Biofuel plant to use cooking waste

Leftover cooking oil from University dining halls will soon contribute to an expanding renewable energy industry.

Connecticut-based Greenleaf Biofuels is planning construction of a biodiesel production facility in New Haven. If everything works out as planned, the plant will produce an estimated 10 million gallons of renewable fuel per year. It is intended to replace other heating and transportation fuels and would make it the largest facility of its kind in New England, according to the company’s website.

In regards to how the plant will benefit New Haven and the surrounding area, Gus Kellogg, founder and chief executive officer of Greenleaf Biofuels, said “We’ll be buying raw materials locally.”

The plant will be located next to the harbor within the New Haven Terminal. Kellogg explained that his company would work with other smaller companies that are in the business of collecting waste vegetable oil. Such companies, some of which are local, often rely on used cooking oil taken from New Haven restaurants and University dining halls.

With respect to the decision to work with the other companies, Kellogg said, “We determined very early on that it would be difficult for us to go out and collect 10 million gallons a year.”

Once the raw material is collected, Greenleaf will produce the biodiesel in a two-stage chemical process in which the oil is converted into carbon chains that are similar to diesel fuel and heating oil, Kellogg explained.

Greenleaf Biofuels sought permission to build the production facility at a New Haven Board of Zoning Appeals meeting last week. But before the company’s bid can be approved, the City Plan Commission must conduct a coastal site plan review of the proposed construction area. Kellogg said he thinks the plant will get final local approval in March.

A. Walter Esdaile, a member of the New Haven Zoning Board of Appeals, explained that the committee’s responsibility is to look at whether a request to build adheres to the established rules of property use. The board referred Greenleaf’s request to the City Plan Commission for further review and will make a final decision once the commission gives its opinion.

Victor Fasano, another member of the Zoning Board, said that City Plan provides an expert basis which the board considers in conjunction with other merits of the project, including public support and opposition. Outside of the context of the Zoning Board’s responsibility, Fasano said he supports the facility being built in New Haven because of the beneficial economic impact new businesses and industries have on the city.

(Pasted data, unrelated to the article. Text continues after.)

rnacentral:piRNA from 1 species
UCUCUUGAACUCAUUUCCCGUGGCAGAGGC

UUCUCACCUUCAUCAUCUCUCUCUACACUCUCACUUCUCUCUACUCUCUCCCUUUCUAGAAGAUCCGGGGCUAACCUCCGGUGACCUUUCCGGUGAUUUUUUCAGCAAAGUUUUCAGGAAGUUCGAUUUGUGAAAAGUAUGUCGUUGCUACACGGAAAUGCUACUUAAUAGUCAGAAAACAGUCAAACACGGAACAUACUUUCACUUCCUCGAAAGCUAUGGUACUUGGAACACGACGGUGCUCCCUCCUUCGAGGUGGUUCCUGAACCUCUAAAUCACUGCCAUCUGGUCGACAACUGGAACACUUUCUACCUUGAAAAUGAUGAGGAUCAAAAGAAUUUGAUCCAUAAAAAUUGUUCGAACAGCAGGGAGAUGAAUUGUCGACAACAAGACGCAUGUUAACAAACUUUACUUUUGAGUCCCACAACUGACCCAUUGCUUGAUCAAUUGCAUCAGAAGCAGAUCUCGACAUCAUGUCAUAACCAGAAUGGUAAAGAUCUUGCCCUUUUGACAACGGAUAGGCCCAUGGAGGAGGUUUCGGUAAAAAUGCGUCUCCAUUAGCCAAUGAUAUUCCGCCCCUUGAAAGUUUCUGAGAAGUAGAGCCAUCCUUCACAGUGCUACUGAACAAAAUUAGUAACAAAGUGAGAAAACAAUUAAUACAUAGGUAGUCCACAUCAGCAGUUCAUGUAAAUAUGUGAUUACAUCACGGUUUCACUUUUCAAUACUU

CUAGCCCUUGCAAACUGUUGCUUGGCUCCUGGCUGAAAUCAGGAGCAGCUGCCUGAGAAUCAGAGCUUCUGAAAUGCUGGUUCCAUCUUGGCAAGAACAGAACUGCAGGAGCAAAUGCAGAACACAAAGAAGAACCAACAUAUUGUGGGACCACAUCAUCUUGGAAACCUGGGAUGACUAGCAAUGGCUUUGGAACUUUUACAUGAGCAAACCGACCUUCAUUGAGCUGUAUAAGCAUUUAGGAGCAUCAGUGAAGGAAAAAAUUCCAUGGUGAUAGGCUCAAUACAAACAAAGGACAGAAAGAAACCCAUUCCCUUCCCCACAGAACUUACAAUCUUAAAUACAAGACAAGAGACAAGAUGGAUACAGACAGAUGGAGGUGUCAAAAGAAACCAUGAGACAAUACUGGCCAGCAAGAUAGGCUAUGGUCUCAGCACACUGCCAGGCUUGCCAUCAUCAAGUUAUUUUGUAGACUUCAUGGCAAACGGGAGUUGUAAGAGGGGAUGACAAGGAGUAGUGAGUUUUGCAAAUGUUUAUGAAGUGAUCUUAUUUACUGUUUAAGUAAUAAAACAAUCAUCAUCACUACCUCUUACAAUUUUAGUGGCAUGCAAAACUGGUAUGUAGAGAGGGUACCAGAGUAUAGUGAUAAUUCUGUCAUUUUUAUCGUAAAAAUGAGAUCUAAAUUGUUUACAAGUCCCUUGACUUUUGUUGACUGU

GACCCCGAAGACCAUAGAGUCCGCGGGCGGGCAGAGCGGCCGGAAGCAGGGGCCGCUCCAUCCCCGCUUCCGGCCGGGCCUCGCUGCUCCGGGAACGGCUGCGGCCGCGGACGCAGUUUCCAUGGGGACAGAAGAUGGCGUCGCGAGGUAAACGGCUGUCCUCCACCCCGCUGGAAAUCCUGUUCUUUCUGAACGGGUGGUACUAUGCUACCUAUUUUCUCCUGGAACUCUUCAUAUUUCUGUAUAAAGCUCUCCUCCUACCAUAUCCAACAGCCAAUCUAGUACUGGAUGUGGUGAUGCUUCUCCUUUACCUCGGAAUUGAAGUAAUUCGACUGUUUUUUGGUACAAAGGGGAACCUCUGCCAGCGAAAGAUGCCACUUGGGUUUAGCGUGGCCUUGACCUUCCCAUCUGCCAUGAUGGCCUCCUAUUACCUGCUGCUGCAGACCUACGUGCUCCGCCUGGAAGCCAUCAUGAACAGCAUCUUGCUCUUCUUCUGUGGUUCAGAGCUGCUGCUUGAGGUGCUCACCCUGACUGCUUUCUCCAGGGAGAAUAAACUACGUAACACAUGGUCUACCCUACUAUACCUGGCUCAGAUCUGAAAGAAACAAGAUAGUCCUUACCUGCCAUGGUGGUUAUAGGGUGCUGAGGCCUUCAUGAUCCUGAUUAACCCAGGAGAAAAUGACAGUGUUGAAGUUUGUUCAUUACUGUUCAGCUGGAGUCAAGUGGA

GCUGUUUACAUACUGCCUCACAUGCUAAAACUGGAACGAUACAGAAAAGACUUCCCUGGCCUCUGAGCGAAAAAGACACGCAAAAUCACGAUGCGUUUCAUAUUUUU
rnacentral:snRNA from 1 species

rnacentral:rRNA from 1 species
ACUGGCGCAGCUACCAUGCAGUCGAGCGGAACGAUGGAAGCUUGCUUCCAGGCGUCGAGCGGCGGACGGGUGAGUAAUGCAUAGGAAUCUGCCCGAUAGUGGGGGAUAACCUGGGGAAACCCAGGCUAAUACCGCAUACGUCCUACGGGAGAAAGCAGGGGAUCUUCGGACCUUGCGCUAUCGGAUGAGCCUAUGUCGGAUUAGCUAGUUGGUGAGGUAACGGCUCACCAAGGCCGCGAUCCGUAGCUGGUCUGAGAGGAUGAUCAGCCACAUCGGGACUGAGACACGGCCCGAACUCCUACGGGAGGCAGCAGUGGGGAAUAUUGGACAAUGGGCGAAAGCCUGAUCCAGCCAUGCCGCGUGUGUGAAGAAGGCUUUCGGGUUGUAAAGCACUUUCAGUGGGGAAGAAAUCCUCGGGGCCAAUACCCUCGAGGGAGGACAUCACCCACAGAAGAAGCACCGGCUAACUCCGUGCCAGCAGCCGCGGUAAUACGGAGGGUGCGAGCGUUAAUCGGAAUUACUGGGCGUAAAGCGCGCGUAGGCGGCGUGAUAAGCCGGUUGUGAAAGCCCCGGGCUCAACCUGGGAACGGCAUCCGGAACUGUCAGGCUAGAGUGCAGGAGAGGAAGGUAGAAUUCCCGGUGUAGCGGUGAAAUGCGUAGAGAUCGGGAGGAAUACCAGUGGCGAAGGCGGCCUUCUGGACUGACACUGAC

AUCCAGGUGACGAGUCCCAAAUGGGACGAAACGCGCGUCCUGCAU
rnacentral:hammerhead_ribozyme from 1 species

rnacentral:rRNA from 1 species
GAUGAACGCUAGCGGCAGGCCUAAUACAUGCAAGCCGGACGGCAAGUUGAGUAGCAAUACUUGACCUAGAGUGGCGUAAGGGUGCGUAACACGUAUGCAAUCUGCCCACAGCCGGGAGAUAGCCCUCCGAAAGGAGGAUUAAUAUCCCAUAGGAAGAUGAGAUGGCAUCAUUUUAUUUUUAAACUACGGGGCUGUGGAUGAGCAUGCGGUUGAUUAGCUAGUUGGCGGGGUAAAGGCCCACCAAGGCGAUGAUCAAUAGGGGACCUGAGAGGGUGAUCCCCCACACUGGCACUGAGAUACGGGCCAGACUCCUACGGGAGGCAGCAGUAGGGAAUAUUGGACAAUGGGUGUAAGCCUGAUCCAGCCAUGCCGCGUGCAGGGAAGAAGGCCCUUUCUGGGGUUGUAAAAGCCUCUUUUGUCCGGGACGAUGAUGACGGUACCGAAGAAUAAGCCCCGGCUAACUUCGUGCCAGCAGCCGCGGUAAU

“We’ve lost our industrial base in New Haven; we’ve got to find something to build up the employment factor and the tax factor,” Fasano said. “I’m willing to give it a chance, and see what they can do with it.”

Greenleaf Biofuels has previous ties to Yale, including past research collaboration with the Center for Green Chemistry & Green Engineering at Yale as well as other smaller labs.

“I’m very cognizant of the fact that there’s some potential for commercializing intellectual products that come out of the University,” Kellogg said.

Moreover, Kellogg explained how his company has considered the ways in which Yale could benefit from biofuel produced through the new facility. Greenleaf and members of the administration have discussed the possibility of supplying the University with biodiesel that could be used in the shuttle buses, among other applications.

Despite all the business benefits of having a biodiesel plant, there are few associated environmental drawbacks. Using waste vegetable oil to produce biofuels is “benign” compared to other methods, said Rob Bailis, assistant professor in the School of Forestry & Environmental Studies. In addition, there is a clear cost benefit in using a renewable waste product to make fuel.

“Having someone who’s willing to take it away for free or even willing to pay for it rather than disposing of it through other means is pretty much a win-win situation for everyone involved,” Bailis said.

Without specific knowledge of Greenleaf’s project, Bailis added the production process of biofuels typically requires use of some harmful substances. However, assuming the correct standards are followed, he said in general, production is not incredibly detrimental to the environment.

The Zoning Board of Appeals will make a final decision on Greenleaf’s request next month.

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